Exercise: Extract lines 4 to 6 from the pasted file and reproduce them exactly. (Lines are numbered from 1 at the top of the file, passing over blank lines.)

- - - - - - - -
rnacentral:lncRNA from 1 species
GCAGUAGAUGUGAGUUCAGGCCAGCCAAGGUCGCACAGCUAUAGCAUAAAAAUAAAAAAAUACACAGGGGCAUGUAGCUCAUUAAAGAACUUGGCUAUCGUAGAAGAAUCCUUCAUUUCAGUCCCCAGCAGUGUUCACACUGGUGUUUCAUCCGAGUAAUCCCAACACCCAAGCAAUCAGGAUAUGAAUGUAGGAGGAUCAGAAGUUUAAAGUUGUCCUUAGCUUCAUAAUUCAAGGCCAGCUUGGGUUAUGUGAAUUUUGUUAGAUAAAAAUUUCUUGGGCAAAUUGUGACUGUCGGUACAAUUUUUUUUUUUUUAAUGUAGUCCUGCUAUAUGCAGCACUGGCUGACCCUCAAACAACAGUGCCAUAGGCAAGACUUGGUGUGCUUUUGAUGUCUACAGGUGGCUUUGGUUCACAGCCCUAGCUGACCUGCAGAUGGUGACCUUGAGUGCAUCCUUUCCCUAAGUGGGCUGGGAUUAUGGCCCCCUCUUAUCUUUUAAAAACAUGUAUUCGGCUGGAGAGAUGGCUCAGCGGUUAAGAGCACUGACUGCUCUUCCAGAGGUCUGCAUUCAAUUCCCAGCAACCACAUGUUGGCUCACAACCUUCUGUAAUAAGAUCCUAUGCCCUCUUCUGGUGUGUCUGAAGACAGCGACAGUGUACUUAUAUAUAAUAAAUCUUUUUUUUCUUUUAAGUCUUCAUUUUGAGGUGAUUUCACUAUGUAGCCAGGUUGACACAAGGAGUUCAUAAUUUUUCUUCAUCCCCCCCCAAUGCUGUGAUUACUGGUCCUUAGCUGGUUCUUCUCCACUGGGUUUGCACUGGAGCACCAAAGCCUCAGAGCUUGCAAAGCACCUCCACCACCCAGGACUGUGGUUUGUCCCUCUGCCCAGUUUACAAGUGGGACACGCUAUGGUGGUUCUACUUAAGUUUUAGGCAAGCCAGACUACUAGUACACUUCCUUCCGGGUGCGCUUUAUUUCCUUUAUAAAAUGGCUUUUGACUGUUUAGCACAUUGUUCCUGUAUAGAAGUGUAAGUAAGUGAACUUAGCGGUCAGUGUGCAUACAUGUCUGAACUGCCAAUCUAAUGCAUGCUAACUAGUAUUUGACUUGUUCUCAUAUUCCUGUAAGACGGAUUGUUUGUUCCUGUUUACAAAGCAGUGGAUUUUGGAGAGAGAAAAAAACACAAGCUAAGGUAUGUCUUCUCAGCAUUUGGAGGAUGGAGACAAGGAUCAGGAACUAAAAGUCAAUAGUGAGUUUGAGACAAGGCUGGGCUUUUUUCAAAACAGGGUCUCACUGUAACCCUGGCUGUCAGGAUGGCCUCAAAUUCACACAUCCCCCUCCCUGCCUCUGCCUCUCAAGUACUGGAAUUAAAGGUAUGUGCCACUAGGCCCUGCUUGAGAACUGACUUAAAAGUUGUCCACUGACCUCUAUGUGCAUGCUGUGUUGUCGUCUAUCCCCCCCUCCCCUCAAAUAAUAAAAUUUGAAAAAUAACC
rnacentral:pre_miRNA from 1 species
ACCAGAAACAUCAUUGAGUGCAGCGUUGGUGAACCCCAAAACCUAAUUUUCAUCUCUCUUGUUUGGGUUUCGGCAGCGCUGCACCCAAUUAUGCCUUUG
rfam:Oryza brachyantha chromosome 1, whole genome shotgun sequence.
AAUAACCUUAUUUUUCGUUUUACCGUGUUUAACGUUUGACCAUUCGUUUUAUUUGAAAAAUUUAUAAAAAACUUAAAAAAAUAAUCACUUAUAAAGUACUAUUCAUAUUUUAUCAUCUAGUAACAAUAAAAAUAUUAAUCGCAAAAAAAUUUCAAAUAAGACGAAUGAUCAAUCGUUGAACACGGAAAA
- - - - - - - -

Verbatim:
ACCAGAAACAUCAUUGAGUGCAGCGUUGGUGAACCCCAAAACCUAAUUUUCAUCUCUCUUGUUUGGGUUUCGGCAGCGCUGCACCCAAUUAUGCCUUUG
rfam:Oryza brachyantha chromosome 1, whole genome shotgun sequence.
AAUAACCUUAUUUUUCGUUUUACCGUGUUUAACGUUUGACCAUUCGUUUUAUUUGAAAAAUUUAUAAAAAACUUAAAAAAAUAAUCACUUAUAAAGUACUAUUCAUAUUUUAUCAUCUAGUAACAAUAAAAAUAUUAAUCGCAAAAAAAUUUCAAAUAAGACGAAUGAUCAAUCGUUGAACACGGAAAA